Barclays Plc’s board should remove its boss Jes Staley from the board of directors following the disclosure of his ties with deceased financier and sex offender Jeffrey Epstein, according to its top shareholder.
Edward Bramson’s Sherborne Investors Management LP said in a letter on Monday it “strongly recommends” the board led by Chairman Nigel Higgins “rescind their unanimous recommendation to re-elect Staley,” as a director at its next annual general meeting.
“The public interest in the U.K.’s most established financial institutions leading from the front in setting and following best corporate governance is vital to the country’s global reputation,” according to Sherborne Investors. “The public interest not only requires the likes of Barclays to set the highest standards, but it also dictates that there should be unvarnished transparency on major ethical questions and on the suitability of individuals that lead them.”
Barclays wasn’t immediately available to comment.
Barclays disclosed in February that British regulators are probing how former JPMorgan Chase & Co. banker Staley characterized his relationship with Epstein, who died in his prison cell last year. The request comes after the activist who became a major shareholder in Barclays in 2018, said last week that Higgins should end the British lender’s “cycle of disruption.”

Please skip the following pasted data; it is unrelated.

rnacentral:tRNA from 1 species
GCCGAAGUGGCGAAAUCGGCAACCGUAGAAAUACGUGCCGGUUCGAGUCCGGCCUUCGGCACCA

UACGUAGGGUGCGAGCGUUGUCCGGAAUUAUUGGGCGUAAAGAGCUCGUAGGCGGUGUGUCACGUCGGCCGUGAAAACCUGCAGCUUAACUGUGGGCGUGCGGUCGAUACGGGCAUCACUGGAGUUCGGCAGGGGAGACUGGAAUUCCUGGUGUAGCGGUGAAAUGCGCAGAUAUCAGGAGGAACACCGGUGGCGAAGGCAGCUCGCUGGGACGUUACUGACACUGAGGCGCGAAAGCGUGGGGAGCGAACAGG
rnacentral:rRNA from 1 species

Epstein regularly brought Staley business when he ran JPMorgan’s private bank and the two were close professionally, Bloomberg News has reported. Staley also visited Epstein in Florida when he was serving his sentence following a 2008 guilty plea of soliciting prostitution, in one case with a minor, the New York Times reported last summer.
“If Staley knowingly continued providing financial services to Epstein, which could have helped to facilitate the latter’s child prostitution activities, in order to reap personal career benefits, it raises the question as to whether he is suitable to be an executive of a financial institution,” according to Sherborne.
Bramson’s Sherborne Investors holds an approximate 5.5% stake in Barclays, having first invested in early 2018 before demanding a seat on the board to advocate for strategic changes, including a retreat from investment banking. He lost his bid for a seat last year while Staley plowed ahead with his plans to compete with Wall Street.
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